by Omar Radicchio, TYDN World Affairs Writer
NEW YORK -- (TYDN) Parents across the world were bracing on Christmas Eve for document-spilling site Wikileaks to make good on its promise to release a treasure trove of documents suggesting Santa Claus was not real, TheYellowDailyNews has learned.
The potential document disclosure, possibly coming just hours before Santa Claus is expected to descend upon millions of chimneys, threatens to end a holiday tradition dating to the founding of the Hallmark greeting card, TheYellowDailyNews has learned.
The looming demise of Christmas was first reported on TheYellowDailyNews' website early Friday.
The Federal Reserve Board, meanwhile, called an emergency meeting Friday to assess the economic damage if Assange pulls the trigger. President Barack Obama blasted Assange, saying in an exclusive interview with TheYellowDailyNews that the possible document dump "would amount to the biggest act of economic terrorism the world has ever seen, making 9/11 look like a birthday party by comparison."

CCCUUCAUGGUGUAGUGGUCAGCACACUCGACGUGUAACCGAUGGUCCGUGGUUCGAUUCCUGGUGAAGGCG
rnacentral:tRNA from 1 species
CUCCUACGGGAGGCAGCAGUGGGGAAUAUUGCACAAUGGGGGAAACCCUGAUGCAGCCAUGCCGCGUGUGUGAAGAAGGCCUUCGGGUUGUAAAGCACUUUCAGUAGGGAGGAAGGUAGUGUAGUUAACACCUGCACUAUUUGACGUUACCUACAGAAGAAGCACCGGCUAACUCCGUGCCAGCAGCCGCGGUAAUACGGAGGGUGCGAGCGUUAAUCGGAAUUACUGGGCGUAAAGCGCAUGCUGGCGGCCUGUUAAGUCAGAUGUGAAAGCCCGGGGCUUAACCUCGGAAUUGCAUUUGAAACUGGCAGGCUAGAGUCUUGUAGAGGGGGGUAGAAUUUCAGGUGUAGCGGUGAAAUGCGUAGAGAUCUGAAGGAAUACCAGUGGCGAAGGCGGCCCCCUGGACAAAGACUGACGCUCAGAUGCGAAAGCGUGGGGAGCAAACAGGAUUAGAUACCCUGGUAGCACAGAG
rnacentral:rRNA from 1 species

Some analysts were describing the looming revelation as a "powder keg," one that could amount to the biggest Wikileaks unveiling since it debunked the Easter Bunny last year.
"If Assange is going to release these documents, he should redact out the name 'Santa Claus.' Just too much is at stake here. This is a powder keg in the making," said Wikileaks analyst Boca Gossipher, in an exclusive telephone interview from Geneva with TheYellowDailyNews.
Parents across the world were praying that Assange would not ruin their Christmas. Jews took the upcoming apocalypse in stride, wondering what all the fuss was about.
Assange, in an exclusive interview with TheYellowDailyNews, said he would release the Santa Claus cache within the next few hours unless the men's magazine, GQ, posted a photo of him on its website declaring him "Pretty Boy of the Year."
"If Time magazine won't declare me "Man of the Year," then GQ better step up to the plate," Assange said. "I'm pretty. Just look at me."
GQ did not return repeated messages questioning whether it would save Christmas.